Work to scale up the health system in preparation for COVID-19 was today outlined by Health Minister David Clark, as he reported back to the new Epidemic Response Committee.
"We are well placed to contain the spread of COVID-19. We have taken early and decisive action at our borders, and that swift action has given us valuable time to refine our plan, and increase our preparedness," said David Clark.
"Since January we have ramped up our testing capacity to 3300 tests per day. That is expected to grow, even in the face of strong international demand for the products used in the testing process.
"More than $40 million has gone towards contact tracing and we have quadrupled Healthline's workforce since the end of January, to over than 500 staff working on COVID-19. We expect staff numbers to continue to increase.
"In Primary Care, we've moved quickly, and have already established 49 Community Based Assessment Centres, where people who have symptoms of COVID-19 can safely be tested. Another 61 Centres are in the works, doubling the number of sites available.
"All GP clinics have also been supplied Personal Protective Equipment, to help protect our GPs, nurses and other staff. Just last week 640,000 face masks were sent to DHBs from the National Reserve Supply and today, it was announced that the Ministry of Health was opening its national reserves of personal protective equipment to make 7 million masks available over coming weeks. The Ministry will begin an initial distribution of 1.2 million masks from the national stock to DHBs within the next 48 hours, so they are able to get masks to community health and disability workers who need them.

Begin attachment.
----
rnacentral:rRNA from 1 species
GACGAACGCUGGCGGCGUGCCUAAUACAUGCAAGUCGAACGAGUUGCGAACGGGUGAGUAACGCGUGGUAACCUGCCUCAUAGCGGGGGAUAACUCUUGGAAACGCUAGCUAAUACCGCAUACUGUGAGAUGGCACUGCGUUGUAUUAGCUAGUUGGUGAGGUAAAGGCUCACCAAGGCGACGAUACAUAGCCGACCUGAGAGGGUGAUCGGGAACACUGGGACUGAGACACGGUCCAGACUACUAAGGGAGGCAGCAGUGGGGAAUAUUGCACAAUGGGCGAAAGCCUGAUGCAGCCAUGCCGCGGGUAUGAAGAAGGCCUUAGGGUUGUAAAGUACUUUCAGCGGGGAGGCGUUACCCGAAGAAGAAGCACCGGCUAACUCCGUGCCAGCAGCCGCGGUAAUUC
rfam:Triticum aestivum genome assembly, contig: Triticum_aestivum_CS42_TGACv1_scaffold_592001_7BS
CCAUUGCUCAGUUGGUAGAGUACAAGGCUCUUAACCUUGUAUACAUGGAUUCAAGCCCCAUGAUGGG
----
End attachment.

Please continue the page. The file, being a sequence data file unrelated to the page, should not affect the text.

"Across our Public Hospitals we have access to 533 ventilators with another 247 in private hospitals and other organisations. More ventilators are on order from overseas. I also announced yesterday that we are fast tracking 36 new intensive care beds at Christchurch Hospital.
"We currently have around 2,500 trained ICU/Critical Care nurses and DHBs are already running refresher courses and training new staff to care for ventilated patients, should that be needed.
"We are fortunate to have such dedicated and professional doctors, nurses, midwives, laboratory scientists, mental health workers and allied health workers. These people provide outstanding care for New Zealanders day in, day out. And we are asking so much of them as we combat COVID-19.
"This a global pandemic. As has been clear with our first death from COVID-19 on Sunday we are not immune to the terrible impacts of this disease. But we are well prepared. We will continue to work to our plan, and continue to do all that we can to keep people safe and well - and ensure that our country bounces back as quickly as possible", said David Clark.